Coffee Tour in Berlin, Germany

Next up, we made our way over to Lasan Restaurant. Kreuzberg is home to a large Turkish population, so it was fun to learn about this side of the neighborhood, as well. Our guide told us no tour would be complete without learning about the history of the coffee that’s been brewing here for many, many years. Turkish coffee is a method of preparing coffee that has been ground very fine. The coffee is made by brewing the coffee with water and adding sugar to the boil in a special pot which is called a cezve. It can also be made with cardamom mixed in, which ours was. On the side of our cup, we each received a Turkish Delight, which was a little cookie type sweet.

Coffee Tour in Berlin, Germany

Coffee Tour in Berlin, Germany

To round out the tour, we ended at Kaffeekirsche. At this location we learned more about the roasting process and different origins of coffee. We took a peek in the back room where all the roasting magic happens and then had a seat in the adorable café that was decorated with refreshing green plants and large tables. While we sipped on our last cup of joe, we closed out the tour with a bit more coffee talk.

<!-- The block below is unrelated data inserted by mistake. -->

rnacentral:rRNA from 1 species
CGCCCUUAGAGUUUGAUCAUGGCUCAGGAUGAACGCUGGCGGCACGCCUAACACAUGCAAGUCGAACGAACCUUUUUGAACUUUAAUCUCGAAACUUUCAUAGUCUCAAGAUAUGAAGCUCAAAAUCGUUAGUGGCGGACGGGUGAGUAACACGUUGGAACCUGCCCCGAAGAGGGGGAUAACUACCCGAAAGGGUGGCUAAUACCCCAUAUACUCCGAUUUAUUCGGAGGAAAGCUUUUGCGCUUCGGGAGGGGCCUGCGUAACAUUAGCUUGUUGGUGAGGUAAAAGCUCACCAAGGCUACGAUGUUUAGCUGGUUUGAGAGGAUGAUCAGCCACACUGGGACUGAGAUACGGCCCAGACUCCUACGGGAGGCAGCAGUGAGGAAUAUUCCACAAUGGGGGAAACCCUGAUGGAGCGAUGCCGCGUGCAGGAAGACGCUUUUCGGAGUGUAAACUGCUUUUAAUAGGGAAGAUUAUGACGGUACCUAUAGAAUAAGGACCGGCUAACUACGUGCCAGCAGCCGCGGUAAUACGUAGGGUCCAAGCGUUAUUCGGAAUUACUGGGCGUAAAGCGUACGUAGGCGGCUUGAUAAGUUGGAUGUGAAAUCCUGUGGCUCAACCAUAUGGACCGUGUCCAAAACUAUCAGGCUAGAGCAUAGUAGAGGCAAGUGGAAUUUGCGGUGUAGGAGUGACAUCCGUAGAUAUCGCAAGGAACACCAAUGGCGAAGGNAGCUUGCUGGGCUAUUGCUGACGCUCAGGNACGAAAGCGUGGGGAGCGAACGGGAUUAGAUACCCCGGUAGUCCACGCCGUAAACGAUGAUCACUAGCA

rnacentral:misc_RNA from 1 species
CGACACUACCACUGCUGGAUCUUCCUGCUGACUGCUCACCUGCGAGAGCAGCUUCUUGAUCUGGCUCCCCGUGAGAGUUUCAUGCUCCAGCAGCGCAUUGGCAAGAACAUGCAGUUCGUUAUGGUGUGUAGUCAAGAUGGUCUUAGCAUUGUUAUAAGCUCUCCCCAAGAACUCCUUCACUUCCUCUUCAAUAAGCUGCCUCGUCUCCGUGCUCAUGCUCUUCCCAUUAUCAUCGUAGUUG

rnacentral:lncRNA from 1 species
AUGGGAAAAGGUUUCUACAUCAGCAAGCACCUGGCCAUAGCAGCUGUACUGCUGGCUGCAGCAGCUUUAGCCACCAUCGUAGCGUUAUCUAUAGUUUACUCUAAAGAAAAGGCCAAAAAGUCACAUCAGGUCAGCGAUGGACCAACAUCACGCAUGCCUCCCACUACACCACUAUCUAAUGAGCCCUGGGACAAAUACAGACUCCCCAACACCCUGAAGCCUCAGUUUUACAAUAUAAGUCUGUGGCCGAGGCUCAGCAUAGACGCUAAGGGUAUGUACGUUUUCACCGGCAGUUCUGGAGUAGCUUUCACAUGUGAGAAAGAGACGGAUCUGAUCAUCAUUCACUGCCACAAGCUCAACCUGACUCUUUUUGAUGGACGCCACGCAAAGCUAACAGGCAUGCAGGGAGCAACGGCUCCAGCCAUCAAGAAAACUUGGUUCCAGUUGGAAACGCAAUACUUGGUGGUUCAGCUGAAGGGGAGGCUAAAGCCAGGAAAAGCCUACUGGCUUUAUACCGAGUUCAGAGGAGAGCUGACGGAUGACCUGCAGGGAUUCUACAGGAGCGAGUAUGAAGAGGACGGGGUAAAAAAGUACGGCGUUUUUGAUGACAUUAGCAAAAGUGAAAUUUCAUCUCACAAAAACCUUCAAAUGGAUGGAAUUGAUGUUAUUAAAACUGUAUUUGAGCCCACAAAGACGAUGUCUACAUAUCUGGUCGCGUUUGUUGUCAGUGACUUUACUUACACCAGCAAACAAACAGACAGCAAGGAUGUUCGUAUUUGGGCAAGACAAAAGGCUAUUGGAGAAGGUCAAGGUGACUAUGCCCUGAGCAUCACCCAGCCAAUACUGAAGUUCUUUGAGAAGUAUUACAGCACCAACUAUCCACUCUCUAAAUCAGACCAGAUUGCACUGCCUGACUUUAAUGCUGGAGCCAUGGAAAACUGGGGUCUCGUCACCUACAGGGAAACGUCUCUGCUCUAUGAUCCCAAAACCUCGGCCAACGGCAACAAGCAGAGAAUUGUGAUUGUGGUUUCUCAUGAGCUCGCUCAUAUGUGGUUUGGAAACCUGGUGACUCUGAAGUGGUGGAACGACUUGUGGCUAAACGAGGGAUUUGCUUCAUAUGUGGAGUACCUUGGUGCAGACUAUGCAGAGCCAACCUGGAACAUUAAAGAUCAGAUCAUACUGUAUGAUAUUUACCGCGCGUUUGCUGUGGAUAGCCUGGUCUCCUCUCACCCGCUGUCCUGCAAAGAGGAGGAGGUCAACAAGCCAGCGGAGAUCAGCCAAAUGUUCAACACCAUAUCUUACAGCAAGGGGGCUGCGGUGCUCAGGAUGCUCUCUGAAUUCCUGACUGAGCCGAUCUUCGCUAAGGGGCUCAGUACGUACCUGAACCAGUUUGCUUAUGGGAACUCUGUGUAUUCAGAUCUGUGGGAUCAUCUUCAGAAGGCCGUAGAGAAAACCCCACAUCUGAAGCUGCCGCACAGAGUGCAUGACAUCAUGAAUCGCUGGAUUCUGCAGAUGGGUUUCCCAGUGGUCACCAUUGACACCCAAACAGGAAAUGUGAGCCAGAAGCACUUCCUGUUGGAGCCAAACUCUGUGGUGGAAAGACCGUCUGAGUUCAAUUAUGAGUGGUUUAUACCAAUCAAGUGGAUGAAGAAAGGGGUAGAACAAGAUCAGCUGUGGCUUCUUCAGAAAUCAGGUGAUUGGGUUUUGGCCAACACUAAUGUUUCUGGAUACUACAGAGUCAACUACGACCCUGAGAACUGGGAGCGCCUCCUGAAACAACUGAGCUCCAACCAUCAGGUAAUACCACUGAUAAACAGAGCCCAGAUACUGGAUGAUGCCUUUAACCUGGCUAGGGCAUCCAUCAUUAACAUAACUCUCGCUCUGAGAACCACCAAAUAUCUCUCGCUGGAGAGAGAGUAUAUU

Coffee Tour in Berlin, Germany

Coffee Tour in Berlin, Germany

Coffee Tour in Berlin, Germany

Once we had a nice coffee buzz going, it was time to say our goodbyes and head out to grab lunch. I have to say, a coffee tour in Berlin was definitely a wonderful way to start our morning!

 

Sipping java on a coffee tour in Berlin, Germany
6 Comments
  • May Eat Cook Explore
    Posted at 10:06h, 26 September Reply

    This is fascinating. I would never have looked for a coffee tour, a food tour sure, but not coffee. Will have to add that to my list when I next visit.

  • Les Petits Pas de Juls
    Posted at 21:27h, 21 October Reply

    I don’don’t drink coffee but sure love the smell. You almost made me wish I drank it too! 😉 Although it’s not my cup of tea, I might have enjoyed such a tour, if only to acquire more sense of smell (it would definitely help me with wine tasting!) And/or discover that I too like coffee when brewed a certain way.
    Thanks for this first step. I’ll be sure to remember it if/when I get to Berlin!

  • Jake
    Posted at 20:31h, 28 October Reply

    Germany, the home to the most wonderfully engineered coffee roaster. The Probat is one of the most beautiful coffee roasters ever made. We have a Probat we use to roast our coffee, it’s a model that was built for a display unit, and it’s decades old but still works as if it was brand new. I love your use of images and have always wanted to visit Germany. Thank you so much for the fantastic post, and I enjoyed reading it.